Sulfuric acid is commonly used for cleaning. Previously regulations may have been a barrier to companies to reduce use or switch to alternatives.

  • When used to clean food processing tanks, its use may be specifically required by regulations of the U.S. Food and Drug Administration (FDA). However, a search of the Toxics Use Reduction Institute's database of cleaning chemistries found 10 non-sulfuric acid-containing chemistries that have FDA approval. These products may be substitutes, depending on the application.
  • The semiconductor industry uses ultra-pure, concentrated sulfuric acid to clean silicon wafers. Recycling or reusing the spent acid is inhibited by perceived RCRA (Resource Conservation and Recovery Act) barriers identified through the U.S. EPA's Common Sense Initiative. The EPA is currently preparing an information sheet to encourage recycling of this acid.

In electronics and surface finishing operations, sulfuric acid is used in many processes including etching, pickling and anodizing.

  • In electronics manufacture, two sulfuric-acid containing micro-etch solutions are used: sulfuric acid/hydrogen peroxide, and persulfate (typically peroxydisulfate). The sulfuric/peroxide systems use considerably more sulfuric acid than the persulfate systems, but the bath life of the sulfuric/peroxide systems can be increased by continuously removing the copper using an electrolytic plate-out cell and reusing the etch solution.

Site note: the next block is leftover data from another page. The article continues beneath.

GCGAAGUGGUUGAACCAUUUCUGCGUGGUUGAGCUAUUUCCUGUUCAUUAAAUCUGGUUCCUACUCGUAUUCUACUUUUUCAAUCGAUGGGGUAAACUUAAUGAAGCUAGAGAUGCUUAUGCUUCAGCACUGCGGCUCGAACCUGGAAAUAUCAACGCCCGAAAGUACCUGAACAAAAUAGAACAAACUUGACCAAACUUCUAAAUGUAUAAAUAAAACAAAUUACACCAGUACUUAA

• In the electroplating pickling process, sulfuric acid can be replaced by hydrochloric acid or phosphoric acid, each with their own associated hazards. Diffusion dialysis can extend the bath life of an acid pickling solution with substantial savings in sulfuric acid purchases and waste volumes. For copper and tin plating, the pickling baths do not degrade readily and the major losses can be reduced by reducing dragout.
  • Dragout is a continual source of loss and must be minimized. This can be accomplished by removing the workpiece at a slower rate, increasing drip time, installing drain boards or drip bars between baths, maintaining racking designs for maximum draining, and installing air knives or spray or fog rinses above process tanks.